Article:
Information: This page is from the original Minnesota Stormwater Manual (2005). We have updated the Pretreatment section of the manual and recommend using that material.

Filtration devices (inserts) allow stormwater to pass through filter media which are designed to reduce specific stormwater pollutants, but primarily solids and oils. Pollutants are captured physically or through sorption onto the filter media. Filters may either be inserts that are retrofitted into existing catch basins or manholes, or stand alone units supplied by a manufacturer.

Photo of Proprietary systems used as an example only - NOT an endorsement
Photo of Proprietary systems used as an example only - NOT an endorsement
Photo of Proprietary systems used as an example only - NOT an endorsement
Photo of Proprietary systems used as an example only - NOT an endorsement

Design criteria

  • Pollutants of interest for reduction
  • Desired removal efficiency
  • Design flow or volume, site constraints on size, desired location of treatment unit
  • Pre-treatment requirements
  • Installation and maintenance costs, life of unit


  • Units are typically underground or within existing structures and do not consume much site space
  • Filtration devices can be customized to reduce a specific pollutant of concern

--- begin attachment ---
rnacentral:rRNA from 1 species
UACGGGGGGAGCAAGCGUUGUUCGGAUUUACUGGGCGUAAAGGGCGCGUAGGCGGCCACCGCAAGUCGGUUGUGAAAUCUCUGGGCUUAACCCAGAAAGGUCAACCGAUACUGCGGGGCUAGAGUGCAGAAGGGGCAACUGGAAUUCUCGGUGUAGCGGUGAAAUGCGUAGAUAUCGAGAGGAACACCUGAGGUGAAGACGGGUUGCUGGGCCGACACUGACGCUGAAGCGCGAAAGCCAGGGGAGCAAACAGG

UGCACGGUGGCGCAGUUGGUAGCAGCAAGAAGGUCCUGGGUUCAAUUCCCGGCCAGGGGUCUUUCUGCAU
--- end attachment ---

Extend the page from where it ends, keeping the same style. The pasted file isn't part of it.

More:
• Can often be easily incorporated into fully developed sites
  • Can be used for pre-treatment prior to infiltration practices
  • Relevant for use on industrial sites because filters can remove pollutants such as metals and oils


  • Efficiency has not been widely tested
  • Each type of unit has specific design constraints and limitations for use
  • Can be more costly that other treatment methods
  • Treatment may be greatly reduced if frequent maintenance is not conducted
  • Subject to freezing in cold climates


Filtration devices, depending on the design, can treat stormwater to reduce nutrients, sediment, floatables, metals, oil, and/or organic compounds. Different filtration media are used depending on the type of pollutant to be removed. Filter media may be a screen, fabric, activated carbon, perlite, zeolite, or other materials. Often a combination of filter media can be used to target the specific pollutants of interest.

These devices differ from structural stormwater filters in two aspects. First, these devices are proprietary and are designed to fit as an insert into the hydraulic infrastructure (eg. a catch basin). Second, the media material may have unique characteristics which are different from the soil/sand media recommended for general stormwater filtration.

Filtration devices have been developed for use in locations such as underground chambers, catch basins, trench drains, and roof drains. The manufacturer specifications should indicate key design parameters such as size, allowable flow rate, allowable pollutant concentrations, and removal efficiency. A bypass should be part of the system to allow high flows to circumvent the filtration device.